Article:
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Tax Planning

April 14, 2020


UPDATE: On March 21, 2020, The Treasury Department and Internal Revenue Service announced that the federal income tax filing due date is automatically extended from April 15, 2020, to July 15, 2020.

Through the first five posts, we have walked through all the major sections of the Form 1040. We have looked at income, deductions, tax liability and credits. We have also talked about some of the major areas of everyday life (e.g., homeownership and retirement savings) that many taxpayers need to realize have major tax implications. We also spent some time talking about when, where and how to report your taxes each year.

With the major areas behind us, we conclude with a brief post that ties up some loose ends, adds a little advice and sends you off with a sense of confidence as you continue to manage your affairs with an eye toward tax consequences.


It is important to keep in mind that many of the big events in your life also have significant tax implications. We discuss a few of the common ones here.

First, if your marital status changes during the year, this will affect your filing status, whether from single/head of household to married filing jointly/separately or vice versa. Bringing children into your home can have major tax advantages as this may give you a more favorable filing status and qualify you for the child tax credit. Conversely, if you have teenagers in your home, you may soon find yourself losing the benefit of the child tax credit as they get older.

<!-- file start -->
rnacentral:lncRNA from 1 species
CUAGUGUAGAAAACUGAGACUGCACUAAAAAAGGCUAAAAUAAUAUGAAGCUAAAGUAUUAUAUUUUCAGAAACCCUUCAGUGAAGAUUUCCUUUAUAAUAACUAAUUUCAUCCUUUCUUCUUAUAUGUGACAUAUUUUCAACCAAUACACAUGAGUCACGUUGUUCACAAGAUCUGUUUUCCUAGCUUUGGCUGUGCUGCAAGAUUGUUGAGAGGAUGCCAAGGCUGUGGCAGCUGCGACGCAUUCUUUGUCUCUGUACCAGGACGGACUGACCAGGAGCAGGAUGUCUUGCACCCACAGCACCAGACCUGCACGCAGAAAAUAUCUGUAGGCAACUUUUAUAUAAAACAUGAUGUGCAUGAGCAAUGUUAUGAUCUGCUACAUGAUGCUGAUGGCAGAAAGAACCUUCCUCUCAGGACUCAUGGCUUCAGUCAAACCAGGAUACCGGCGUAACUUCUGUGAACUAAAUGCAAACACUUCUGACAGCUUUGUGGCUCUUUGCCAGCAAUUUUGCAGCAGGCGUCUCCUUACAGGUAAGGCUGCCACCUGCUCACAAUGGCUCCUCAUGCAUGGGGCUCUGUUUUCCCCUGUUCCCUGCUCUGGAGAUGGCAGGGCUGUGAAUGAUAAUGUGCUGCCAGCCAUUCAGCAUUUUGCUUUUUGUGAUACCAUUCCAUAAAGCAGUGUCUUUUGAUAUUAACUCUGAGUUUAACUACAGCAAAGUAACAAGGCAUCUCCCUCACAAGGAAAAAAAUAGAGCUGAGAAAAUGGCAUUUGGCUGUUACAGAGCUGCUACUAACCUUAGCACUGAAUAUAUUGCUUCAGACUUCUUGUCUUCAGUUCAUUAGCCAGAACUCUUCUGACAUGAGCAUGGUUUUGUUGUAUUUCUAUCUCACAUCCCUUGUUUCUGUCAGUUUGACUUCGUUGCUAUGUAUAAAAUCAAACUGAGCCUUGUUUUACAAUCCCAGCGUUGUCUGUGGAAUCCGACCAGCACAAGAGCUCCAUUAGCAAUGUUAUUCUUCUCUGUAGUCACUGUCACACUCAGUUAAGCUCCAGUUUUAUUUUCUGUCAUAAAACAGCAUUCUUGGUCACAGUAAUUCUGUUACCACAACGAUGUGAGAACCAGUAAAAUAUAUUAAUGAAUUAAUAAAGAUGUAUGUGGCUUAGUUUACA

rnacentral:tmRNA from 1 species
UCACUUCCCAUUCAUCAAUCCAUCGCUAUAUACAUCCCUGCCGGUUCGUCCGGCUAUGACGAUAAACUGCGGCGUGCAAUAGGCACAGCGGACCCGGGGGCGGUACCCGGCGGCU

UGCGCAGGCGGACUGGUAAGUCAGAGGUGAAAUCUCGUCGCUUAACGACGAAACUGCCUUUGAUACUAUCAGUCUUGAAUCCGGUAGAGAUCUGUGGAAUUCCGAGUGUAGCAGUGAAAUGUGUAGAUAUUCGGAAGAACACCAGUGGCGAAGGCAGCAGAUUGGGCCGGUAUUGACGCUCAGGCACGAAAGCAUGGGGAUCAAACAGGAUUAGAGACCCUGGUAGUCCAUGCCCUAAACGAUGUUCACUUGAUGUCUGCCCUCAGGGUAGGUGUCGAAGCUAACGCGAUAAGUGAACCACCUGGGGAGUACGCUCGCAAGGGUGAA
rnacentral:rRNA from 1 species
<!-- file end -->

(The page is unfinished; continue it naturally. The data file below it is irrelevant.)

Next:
Next, remember that if you or someone in your family decides to go to college, or go back to college, the American Opportunity Credit and the Lifetime Learning Credit may help offset the cost of this education.

Further, know that most money received from an inheritance is tax-free to the recipient. However, there may be taxes on distributions from an IRA that is inherited. Also, keep in mind that the basis of inherited property will be adjusted to the value at the time of the decedent’s death. Gains in value after that will generally be taxable. If someone leaves you a house worth $300,000 at the time the person dies, you will generally be treated as if you bought the house for $300,000. Should you sell the house later for $400,000, you will only need to report $100,000 of taxable income ($400,000 sale price less $300,000 basis).

Finally, in the year that you die, your personal representative will have to file a final tax return in your name. Your spouse can file a joint return for that year if he or she so chooses. Depending on the size and composition of your assets, an estate tax return may also need to be filed.


In an earlier post, we talked about the difference between a taxpayer’s standard deduction and itemized deductions. For example, in 2019, a married taxpayer who files a joint return with his/her spouse is entitled to deduct either $24,400 from their adjusted gross income or the amount of certain qualified expenditures (e.g., charitable donations, medical expenses, property taxes) if they total to a higher amount. With a little planning, taxpayers can take advantage of this rule in a way that reduces their tax liability across multiple years. The best way to illustrate this is by example: